Carter though must have had a sentimental streak. He found the circle of withered flowers left by the young widowed queen as beautiful as the ‘wondrous things’ and ‘regal splendours’. There was for me something similarly touching in the scenes of domesticity on the walls of the artisans’ tombs. For these husbands and wives, buried together in contrast to the lonely splendour of their rulers, the afterlife was an idealised version of this life with all its comforts and joys and none of its sorrows.
Visiting the tombs is of course enormously rewarding but it can be quite hard work, mentally as well as physically: there are steep descents and lots of steps and you want to soak in as much information and atmosphere as possible. There’s also the inevitable crowd of hawkers and hustlers which can be quite fun – some of them have nice things to sell and they all make you feel like a celebrity – but it can also be quite exhausting.
That’s why a Nile cruise ship is a great way to see classical Egypt. At the end of a busy and stimulating day we can step on board our fabulous five star vessel the Oberoi Philae for delicious food and drink, a dip in the sundeck pool or a pampering session in the spa.
The next day we sail to Edfu where we take a jaunty ride in a horse drawn caleche through the local town to the temple of Horus the falcon god, one of the best preserved of the ancient world,. Then it is on to Komombo where we visit the twin temple of Sobek, the crocodile god, and Horus, the falcon god, first in the evening when it is illuminated in the dark and again in the morning. Nearby is what must be one of the most niche museums in the world – one dedicated to mummified crocodiles. There are 20 of the creatures, revered for their strength and fertility.
The cruise ends at Aswan where we take a boat across to the temple of Philae. This originally stood on a site which would have been submerged when the great dam was built so it was completely dismantled, each one of its 41,000 stones were marked with a letter and a number and the entire edifice was relocated to relocated to its current location. Only one stone, our guide Tarek shows us, was wrongly placed upside down.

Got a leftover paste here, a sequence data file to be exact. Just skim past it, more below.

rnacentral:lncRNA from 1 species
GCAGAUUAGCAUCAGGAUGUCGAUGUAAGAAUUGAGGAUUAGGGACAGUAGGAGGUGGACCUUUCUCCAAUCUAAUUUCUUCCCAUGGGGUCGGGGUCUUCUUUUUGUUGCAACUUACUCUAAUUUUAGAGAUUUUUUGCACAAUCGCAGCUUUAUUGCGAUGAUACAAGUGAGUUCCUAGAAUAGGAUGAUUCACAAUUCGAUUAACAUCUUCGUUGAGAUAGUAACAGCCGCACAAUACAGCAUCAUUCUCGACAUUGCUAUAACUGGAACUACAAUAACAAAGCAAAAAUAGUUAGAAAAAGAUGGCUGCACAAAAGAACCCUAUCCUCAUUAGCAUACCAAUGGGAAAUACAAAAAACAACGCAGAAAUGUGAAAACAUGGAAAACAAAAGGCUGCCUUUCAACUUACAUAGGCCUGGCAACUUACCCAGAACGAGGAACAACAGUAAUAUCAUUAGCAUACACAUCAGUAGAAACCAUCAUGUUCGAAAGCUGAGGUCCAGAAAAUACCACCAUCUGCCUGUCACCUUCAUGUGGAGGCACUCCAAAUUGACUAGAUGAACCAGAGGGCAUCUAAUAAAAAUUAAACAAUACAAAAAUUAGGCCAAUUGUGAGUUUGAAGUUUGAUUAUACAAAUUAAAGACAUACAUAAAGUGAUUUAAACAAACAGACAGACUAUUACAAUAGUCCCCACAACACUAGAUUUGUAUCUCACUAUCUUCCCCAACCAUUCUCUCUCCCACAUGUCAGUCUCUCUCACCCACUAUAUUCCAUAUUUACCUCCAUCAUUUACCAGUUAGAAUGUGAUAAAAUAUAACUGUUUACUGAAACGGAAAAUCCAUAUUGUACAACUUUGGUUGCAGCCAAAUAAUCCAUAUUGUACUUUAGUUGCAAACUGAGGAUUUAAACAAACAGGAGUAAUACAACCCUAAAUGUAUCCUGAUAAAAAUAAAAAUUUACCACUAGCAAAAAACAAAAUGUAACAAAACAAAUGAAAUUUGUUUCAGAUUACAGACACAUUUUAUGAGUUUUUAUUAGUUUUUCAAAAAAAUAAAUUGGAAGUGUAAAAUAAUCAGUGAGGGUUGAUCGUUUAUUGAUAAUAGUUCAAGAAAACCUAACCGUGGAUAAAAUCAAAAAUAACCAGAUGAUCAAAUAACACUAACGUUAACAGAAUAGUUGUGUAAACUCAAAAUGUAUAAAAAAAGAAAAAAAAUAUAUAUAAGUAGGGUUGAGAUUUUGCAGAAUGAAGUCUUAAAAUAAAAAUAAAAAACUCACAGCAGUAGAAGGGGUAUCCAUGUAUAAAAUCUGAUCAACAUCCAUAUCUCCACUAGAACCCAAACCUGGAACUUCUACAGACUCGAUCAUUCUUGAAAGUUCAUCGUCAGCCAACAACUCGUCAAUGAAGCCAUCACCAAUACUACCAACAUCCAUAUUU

We say goodbye to him before flying to Cairo for a last day of a whistle-stop tour of the Pyramids and the Sphinx and the Museum of Egyptian Antiquities. This houses 120,000 items so we concentrate on a few highlights particularly the Tutankhamun treasures.
Tarek has been a brilliant guide: his knowledge of 5,000 years of history, building techniques, mummification processes, the meanings of hieroglyphs and the extraordinary complexities of the Ancient Egyptians’ religion with all its divinities, sacred animals, obsession with and preparation for life after death, has held us spellbound.
His personal circumstances, however, epitomise the appalling problems now faced by tourism in Egypt. He is a man of substantial learning, who speaks near perfect English and who has great personal warmth and charm. Yet, he tells us, ours is only the third tour he has been able to work on since the revolution of 2011. The shooting down of the Russian plane in November though hundreds of miles away in Sinai made a dire situation worse: visitor numbers plummetted even further, down by as much as 90 per cent according to some estimates. Another telling statistic is that of the 350 cruise ships on the Nile only 70 are currently sailing.
Everyone is desperately keen to stress their security measures: the bank of cameras in a control room in Luxor which scan almost every inch of the place (one foiled an attempt to put a bomb in car park last year); the guards on every Egyptair flight, the sniffer dogs, the scanners, the barriers at hotel grounds and attractions.
No guarantees can be given of course and of course the bizarre ‘hijacking’ a month ago did not help the situation but it is worth remembering that the Foreign and Commonwealth Office’s does not advise against travel to Egypt’s main tourist areas. Certainly we all felt safe. And we also felt very sorry for all those welcoming strangers who begged us to tell people back in Britain that they must please, please come to Egypt.
Cyplon Holidays offer a night in Luxor at the Maritim Jolie Ville hotel, four nights on the Oberoi Philae with full board and an English speaking Egyptologist on all excursions and two nights at the Conrad Hotel in Cairo, all five star, from £2489 per person. Price includes return flights from Heathrow with Egyptair and private transfers. www.cyplon.co.uk or call 0800 074 8888.